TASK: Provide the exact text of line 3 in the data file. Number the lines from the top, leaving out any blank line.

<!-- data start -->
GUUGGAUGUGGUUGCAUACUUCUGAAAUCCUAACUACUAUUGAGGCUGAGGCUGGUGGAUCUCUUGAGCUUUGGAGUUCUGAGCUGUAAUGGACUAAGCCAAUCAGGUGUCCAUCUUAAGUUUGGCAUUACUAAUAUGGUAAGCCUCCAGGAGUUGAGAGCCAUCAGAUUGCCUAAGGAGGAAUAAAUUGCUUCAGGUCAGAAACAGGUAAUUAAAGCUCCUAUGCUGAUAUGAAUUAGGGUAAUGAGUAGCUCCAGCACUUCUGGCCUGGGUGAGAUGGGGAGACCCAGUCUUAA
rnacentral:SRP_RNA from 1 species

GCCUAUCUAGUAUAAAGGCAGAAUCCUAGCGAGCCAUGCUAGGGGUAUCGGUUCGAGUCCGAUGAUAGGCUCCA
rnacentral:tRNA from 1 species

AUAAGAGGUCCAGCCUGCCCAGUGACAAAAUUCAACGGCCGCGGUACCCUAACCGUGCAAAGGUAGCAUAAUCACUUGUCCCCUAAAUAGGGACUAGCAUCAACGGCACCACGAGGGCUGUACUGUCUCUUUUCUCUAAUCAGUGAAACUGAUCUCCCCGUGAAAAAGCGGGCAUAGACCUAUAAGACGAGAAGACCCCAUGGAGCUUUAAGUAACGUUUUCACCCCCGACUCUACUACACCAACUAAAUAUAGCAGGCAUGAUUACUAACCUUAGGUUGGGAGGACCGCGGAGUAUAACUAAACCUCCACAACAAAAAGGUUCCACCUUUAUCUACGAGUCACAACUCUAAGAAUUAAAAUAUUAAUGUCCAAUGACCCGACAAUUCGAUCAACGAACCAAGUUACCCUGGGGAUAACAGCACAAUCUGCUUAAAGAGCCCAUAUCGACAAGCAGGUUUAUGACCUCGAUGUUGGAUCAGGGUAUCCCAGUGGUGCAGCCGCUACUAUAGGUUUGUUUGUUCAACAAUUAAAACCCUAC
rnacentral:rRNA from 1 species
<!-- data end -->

GCCUAUCUAGUAUAAAGGCAGAAUCCUAGCGAGCCAUGCUAGGGGUAUCGGUUCGAGUCCGAUGAUAGGCUCCA